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I would like to install Mercurial on a Linux system where I don't have root access.

How can I do this in a way so that I can easily uninstall Mercurial again and upgrade it when new versions are released?

Also, can I get a package for Windows that does not require admin rights to install?

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It's quite odd that a core developer in the Mercurial team is asking these kinds of questions.. but yet again, this is the Internet, nothing surprises me anymore. I'm guessing this has some SEO value to the team, or kittens.. many kittens. Where are them kittens!? –  Filip Roséen - refp Dec 16 '11 at 16:52
    
Yeah, it feels a bit weird for me too :-) Please see the discussion we had here: stackoverflow.com/questions/8521793/… –  Martin Geisler Dec 16 '11 at 16:53
    
I see, thanks for the info. –  Filip Roséen - refp Dec 16 '11 at 16:55
    
No problem, thanks for the answer! –  Martin Geisler Dec 16 '11 at 17:04
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3 Answers 3

up vote 4 down vote accepted

Mercurial in home directory, how?

It is very easy to compile and install Mercurial in your home directory, I've done so myself.

This linked wiki-post will certainly provide some aid if you have questions;

Use make install-home to install hg to your home directory, it'll put the binary file in ~/bin and associative files in ~/lib.

When uninstalling or upgrading to a new version you could either delete the files that the makefile have put in, or let make install-home (if upgrading) overwrite the existing files.

Make sure to update your $PATH after installation so that it includes ~/bin.


Install Mercurial on windows without being admin, how?

Following the link below will lead you to the download section of Mercurial. There you'll be able to find installation bundles for Windows that doesn't require administration rights.

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Great with the links to the wiki! –  Martin Geisler Dec 16 '11 at 16:47
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I'm aware that this question is already answered but someone could be in the situation I was and that is to have to install without C compiler and make.

Install without C compiler and make

Full description of the solution can be found on following link.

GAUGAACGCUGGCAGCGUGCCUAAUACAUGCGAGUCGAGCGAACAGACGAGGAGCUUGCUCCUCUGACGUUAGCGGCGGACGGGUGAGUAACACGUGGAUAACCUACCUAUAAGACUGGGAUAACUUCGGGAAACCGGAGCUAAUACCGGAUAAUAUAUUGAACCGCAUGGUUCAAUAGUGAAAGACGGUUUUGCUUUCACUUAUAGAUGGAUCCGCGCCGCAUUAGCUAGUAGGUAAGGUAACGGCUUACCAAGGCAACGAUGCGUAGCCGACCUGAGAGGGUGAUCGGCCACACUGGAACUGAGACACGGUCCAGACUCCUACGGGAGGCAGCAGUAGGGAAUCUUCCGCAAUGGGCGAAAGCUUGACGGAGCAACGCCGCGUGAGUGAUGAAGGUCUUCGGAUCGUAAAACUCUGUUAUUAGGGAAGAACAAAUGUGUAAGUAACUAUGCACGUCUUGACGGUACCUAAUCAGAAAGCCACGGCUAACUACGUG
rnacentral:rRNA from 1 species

List of commands, without using make

wget http://pypi.python.org/packages/2.5/s/setuptools/setuptools-0.6c11-py2.5.egg
mkdir -p ~/software/lib/python2.5/site-packages
export PYTHONPATH=~/software/lib/python2.5/site-packages
sh setuptools-0.6c11-py2.5.egg --prefix=~/software
export PATH=${PATH}:~/software/bin
easy_install --prefix=~/software docutils
cd ~/software
wget http://mercurial.selenic.com/release/mercurial-2.5.2.tar.gz
tar xzvf mercurial-2.5.2.tar.gz
cd mercurial-2.5.2.tar.gz
python setup.py --pure install --home="~/software" --force
cd ~/software/lib/python
mv hgext/ ../python2.5/site-packages/
mv mercurial ../python2.5/site-packages/
mv mercurial-2.5.2.egg-info ../python2.5/site-packages/

Append following lines to .bashrc:

export PYTHONPATH=~/software/lib/python2.5/site-packages
export PATH=${PATH}:~/software/bin

Check:

~$ hg
Mercurial Distributed SCM
etc...
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Let me just add that Mercurial will run slower without its C extensions. –  Martin Geisler Mar 22 '13 at 15:52
    
you saved my day –  Luis Lobo Borobia Oct 8 '13 at 20:17
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Linux

The Mercurial source comes with a Makefile that has a local target. If you run this, then you'll build the C extensions in-place:

$ make local
... (lots of output) ...
python hg version
Mercurial Distributed SCM (version 5b66e55c0d93+20111216)
(see http://mercurial.selenic.com for more information)

Copyright (C) 2005-2011 Matt Mackall and others
This is free software; see the source for copying conditions. There is NO
warranty; not even for MERCHANTABILITY or FITNESS FOR A PARTICULAR PURPOSE.

You will need the Python header files, they typically come in a python-dev package. You can then symlink the hg script into a directory in your PATH. I use ~/bin for this:

$ cd ~/bin
$ ln -s ../src/mercurial/hg

You can now run hg from any directory.

If you want to uninstall Mercurial, it's as simple as deleting the directory where you did the compile. Upgrading is also easy: unpack a new release in the directory and run make local again. You can also use the newly install Mercurial to clone the Mercurial repository itself:

$ hg clone http://selenic.com/hg
$ cd hg
$ make local

This gives you a version of Mercurial from the default branch. Use hg update stable before compiling if you want a build from the stable branch instead. That branch is only updated with bugfixes.

Windows

On that platform, you can use a the Inno setup installers. They do not require admin rights. You can couple that with a portable version of TortoiseHg if you like.

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He should probably not use make local, unless he's just looking for a test-session. make install-home seems more fitting for his needs. –  Filip Roséen - refp Dec 16 '11 at 16:45
    
Oh shiznit, I didn't notice it was OP who replied to his own question.. well "you" shouldn't use make local if you want to install it properly in your home directory. –  Filip Roséen - refp Dec 16 '11 at 17:05
    
Sorry about the confusion... :-) I'm just trying out this style to see if it's helpful to people. –  Martin Geisler Dec 16 '11 at 17:28
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